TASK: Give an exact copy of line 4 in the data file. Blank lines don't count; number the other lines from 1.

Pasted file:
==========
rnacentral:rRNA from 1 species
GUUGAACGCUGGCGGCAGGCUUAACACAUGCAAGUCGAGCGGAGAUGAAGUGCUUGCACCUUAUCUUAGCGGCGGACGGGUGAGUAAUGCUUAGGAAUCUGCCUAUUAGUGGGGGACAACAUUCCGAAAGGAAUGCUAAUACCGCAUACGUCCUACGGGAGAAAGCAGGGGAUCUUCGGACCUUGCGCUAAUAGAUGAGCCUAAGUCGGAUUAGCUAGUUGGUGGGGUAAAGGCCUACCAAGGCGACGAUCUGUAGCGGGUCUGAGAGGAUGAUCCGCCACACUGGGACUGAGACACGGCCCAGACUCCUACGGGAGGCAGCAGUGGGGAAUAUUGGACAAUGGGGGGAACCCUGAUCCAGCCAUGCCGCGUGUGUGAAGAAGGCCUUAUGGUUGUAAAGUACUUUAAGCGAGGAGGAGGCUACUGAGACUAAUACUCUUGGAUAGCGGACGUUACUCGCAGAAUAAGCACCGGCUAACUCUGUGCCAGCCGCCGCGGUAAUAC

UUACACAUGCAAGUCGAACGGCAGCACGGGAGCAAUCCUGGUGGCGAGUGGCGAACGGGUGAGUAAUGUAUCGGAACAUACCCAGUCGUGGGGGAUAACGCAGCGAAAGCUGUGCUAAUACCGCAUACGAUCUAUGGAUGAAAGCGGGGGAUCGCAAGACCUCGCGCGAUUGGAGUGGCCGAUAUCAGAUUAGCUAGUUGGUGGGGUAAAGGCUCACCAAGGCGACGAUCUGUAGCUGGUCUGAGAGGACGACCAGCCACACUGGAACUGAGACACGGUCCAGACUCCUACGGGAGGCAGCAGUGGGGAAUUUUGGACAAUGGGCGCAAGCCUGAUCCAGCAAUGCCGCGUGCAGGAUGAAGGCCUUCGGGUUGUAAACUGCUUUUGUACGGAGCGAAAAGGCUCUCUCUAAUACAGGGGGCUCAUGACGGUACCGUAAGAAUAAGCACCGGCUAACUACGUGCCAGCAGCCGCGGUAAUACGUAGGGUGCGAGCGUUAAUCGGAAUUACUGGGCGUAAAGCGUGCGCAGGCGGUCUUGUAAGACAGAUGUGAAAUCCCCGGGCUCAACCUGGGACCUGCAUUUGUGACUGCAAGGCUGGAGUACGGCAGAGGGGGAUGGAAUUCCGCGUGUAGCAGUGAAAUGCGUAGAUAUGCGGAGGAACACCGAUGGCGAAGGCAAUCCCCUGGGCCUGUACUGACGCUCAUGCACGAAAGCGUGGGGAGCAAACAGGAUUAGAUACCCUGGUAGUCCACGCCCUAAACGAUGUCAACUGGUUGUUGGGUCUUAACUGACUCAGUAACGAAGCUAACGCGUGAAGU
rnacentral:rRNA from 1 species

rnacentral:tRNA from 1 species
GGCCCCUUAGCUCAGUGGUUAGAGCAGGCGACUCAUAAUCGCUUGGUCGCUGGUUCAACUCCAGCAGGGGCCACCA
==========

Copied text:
rnacentral:rRNA from 1 species